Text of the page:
Photo: Sunland Home Decor
Photo: Apartment Therapy
Clayton Gray Home
Clayton Gray Home
Hmm all that patchwork is maybe a little too busy for my taste. I'd rather just stick with the tried and true full cowhide rug. And you know the greatest thing about them? Impossible to stain (which is good news in my house). Think about it; if you spilled a glass of red wine on your pet cow, do you think she would be permanently rouge? Obviously not. So if you spill anything it's just wiped clean very easily.
I would own 10 of them if only that wouldn't make me look like an enthusiastic taxidermist. So I'll just have to make do with one rug and one pillow, which is fine for now!
14 September 2011
Owls are just the coolest creatures. Sometimes I forget that they're even birds. Great Horned Owls are probably the most widespread owl throughout North America, and they are easily identified by their ear tufts (horns). Although these aren't actually ears or horns, but tufts of feathers likely used to convey body language much like a dog or cat. I usually start to notice them around this time of year, and they're around through to January or February when mating occurs. If you hear an owl at night, it is almost certainly this guy.
Photo: National Geographic
Great Horned owls are the only predators of skunks, interestingly enough. They also prey on other owls, juvenile osprey, crows, and mostly small mammals like squirrels and mice. Do you remember dissecting owl pellets in grade 3? Yes, those nuggets were compliments of this fellow. They eat their prey whole, and then regurgitate the unwanted bones and fur about 6 hours later, hence the abundance of pellets for young children to inspect.
This guy was perching on our tree for a good couple of hours staring intently at a small patch of grass beneath. He didn't seem to mind my hyperventilating excitement for getting so close.
Pairs are monogamous throughout their entire lives, and each year they use abandoned nests of other large birds instead of constructing their own. And they are fiercely protective of their young. Wouldn't you be too, if your babies looked like this?
Photo: U.S. Fish & Wildlife Service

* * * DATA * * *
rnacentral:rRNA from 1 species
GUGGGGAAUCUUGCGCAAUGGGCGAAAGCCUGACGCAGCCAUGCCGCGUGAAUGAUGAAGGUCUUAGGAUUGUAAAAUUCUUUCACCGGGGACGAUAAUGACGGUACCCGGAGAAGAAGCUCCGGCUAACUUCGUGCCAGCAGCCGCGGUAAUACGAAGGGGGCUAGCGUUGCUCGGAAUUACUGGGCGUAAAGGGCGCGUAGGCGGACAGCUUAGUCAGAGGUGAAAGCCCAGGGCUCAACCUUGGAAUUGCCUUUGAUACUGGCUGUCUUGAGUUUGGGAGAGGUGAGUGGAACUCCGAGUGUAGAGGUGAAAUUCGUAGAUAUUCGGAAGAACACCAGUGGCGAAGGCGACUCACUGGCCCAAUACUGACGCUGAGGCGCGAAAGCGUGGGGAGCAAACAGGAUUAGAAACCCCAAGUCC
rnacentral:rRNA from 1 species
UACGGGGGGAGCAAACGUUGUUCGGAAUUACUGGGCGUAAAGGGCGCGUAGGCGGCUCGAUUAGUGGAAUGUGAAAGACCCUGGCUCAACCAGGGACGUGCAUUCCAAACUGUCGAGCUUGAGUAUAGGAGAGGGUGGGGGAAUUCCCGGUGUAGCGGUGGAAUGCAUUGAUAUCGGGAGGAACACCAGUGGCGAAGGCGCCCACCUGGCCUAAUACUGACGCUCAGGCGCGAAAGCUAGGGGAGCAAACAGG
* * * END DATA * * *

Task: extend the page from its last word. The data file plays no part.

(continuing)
13 September 2011
Isn't it fab having a birthday that falls on a weekend? They always seem to turn out the best. We visited the big city and had some fun visits with friends as family, as well as taking in a CFL game and a train to Whistler. Here are a few shots...
It was my first time in Whistler and I was amazed at all the summer gardens and just the sheer number of tourists that visit this time of year. The train trip getting there was beautiful...a lot of sights that we wouldn't have seen if we were just driving up.
Also I was glad to see what the village looked like after the 2010 Olympics...we should be proud of such an amazing place! Did you know that Whistler gets its name from the shrill whistling noise that Marmots make as an alarm sound, indicating danger? Neat.
10 September 2011
9 September 2011
Although I'm only taking two classes this semester, the texts are a little cumbersome to say the least.
Especially when getting in and out of my car while trying to appear somewhat graceful. This routine usually consists of rummaging around in my back seat for the proper books, setting my current shoulder bag on the ground next to my car, and organizing everything on the pavement for the long trek to class. I'd really love to upgrade to a high quality leather tote that will hold everything in its place, including heavy books and occasionally the new camera. Something that will look just as good to and from the office as it will getting groceries or walking to class.
So lately I have my eye on this puppy:
The 'Sorority Tote' is 100% Italian leather and hand-rubbed to give it that lovely vintage patina look. I've never owned a Roots bag but hear great things about them.